Coaching to Develop or to Win

Today is an article by guest blogger, Andy Barney.  Barney is the president of Legends Soccer Club and Happy feet and writes his own blog here.

In youth soccer coaching culture we are seeing an ever greater divide between potential optimizing methods of teaching and its antithesis where coaches use their players to achieve short-term statistical success. Two very different coaching worlds growing alienated and hateful toward each other with many people wondering if it will always be this way, a house divided against itself.

Although surface ugliness is found in the traditional low risk tactical modes of play it is not inherent in it. There is a simple possession esthetic that those who love the creative game often miss because of its subtlety. This way of playing is straightforward, unadorned, unemotional, economical and carefully proportioned. Its purpose is not to inspire emotionally, but to bring order out of chaos and make the unknown known. It is not an esthetically free and natural style. It is restrained. Everything is meant to be under control. To the creative player or coach this way of playing often appears dull, awkward mechanical and ugly. It’s about pieces and parts, components and relationships. Everything is measured and proven. To the free spirit this approach is oppressive, heavy, endlessly brown, the death of meaningful play.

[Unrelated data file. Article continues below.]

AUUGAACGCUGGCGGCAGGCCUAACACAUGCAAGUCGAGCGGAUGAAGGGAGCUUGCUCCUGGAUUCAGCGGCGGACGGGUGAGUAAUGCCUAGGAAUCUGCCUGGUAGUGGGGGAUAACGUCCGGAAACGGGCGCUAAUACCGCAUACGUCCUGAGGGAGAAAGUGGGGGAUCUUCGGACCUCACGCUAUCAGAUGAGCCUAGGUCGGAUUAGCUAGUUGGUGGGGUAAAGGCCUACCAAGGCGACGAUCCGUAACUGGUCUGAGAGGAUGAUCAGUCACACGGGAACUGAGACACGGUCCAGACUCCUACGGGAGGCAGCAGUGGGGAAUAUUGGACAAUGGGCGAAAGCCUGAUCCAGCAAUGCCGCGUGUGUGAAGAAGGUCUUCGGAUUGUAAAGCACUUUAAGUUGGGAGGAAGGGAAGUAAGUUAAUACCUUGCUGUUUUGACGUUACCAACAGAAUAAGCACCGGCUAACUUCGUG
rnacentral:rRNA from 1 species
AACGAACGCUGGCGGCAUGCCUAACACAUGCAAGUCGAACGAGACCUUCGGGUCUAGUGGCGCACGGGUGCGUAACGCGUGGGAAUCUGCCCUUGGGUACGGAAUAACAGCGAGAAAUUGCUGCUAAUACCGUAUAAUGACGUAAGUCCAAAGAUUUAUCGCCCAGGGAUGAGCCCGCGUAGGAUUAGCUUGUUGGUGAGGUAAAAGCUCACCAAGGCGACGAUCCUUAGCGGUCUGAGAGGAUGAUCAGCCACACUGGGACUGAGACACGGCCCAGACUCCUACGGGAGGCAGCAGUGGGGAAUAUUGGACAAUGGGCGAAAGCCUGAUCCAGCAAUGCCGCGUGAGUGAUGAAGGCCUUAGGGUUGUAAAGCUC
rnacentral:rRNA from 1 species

To players and coaches who value a precise, mistake free, efficient style of play the creative and chaotic ball wizard represents frivolity, irresponsibility and irrationality. He is untrustworthy, mercurial, erratic, shallow pleasure seeking. They view players who play this style as having little substance, as parasites who cannot or will not carry their own weight; who are a drag on the team.

These opposing forces should sound all too familiar. This is the root of the problem. Coaches, players, fans all tend to rationalize and/or emote mostly from one perspective or the other and in so doing miss opportunities to learn and value the importance and strengths of the mode they oppose. Few have the ability or inclination to sacrifice reality as they see it. Only a tiny proportion of the soccer knowledgeable have reconciled the two modes and recognized where order and solid tactics are preferable or vital, but also where improvisation, unpredictability and intuitive creativity are essential. A tinier fraction have figured out how to teach the game so that both ordered precision and creative intuition are integrated and maximized in a visionary soccer and life optimizing curriculum.

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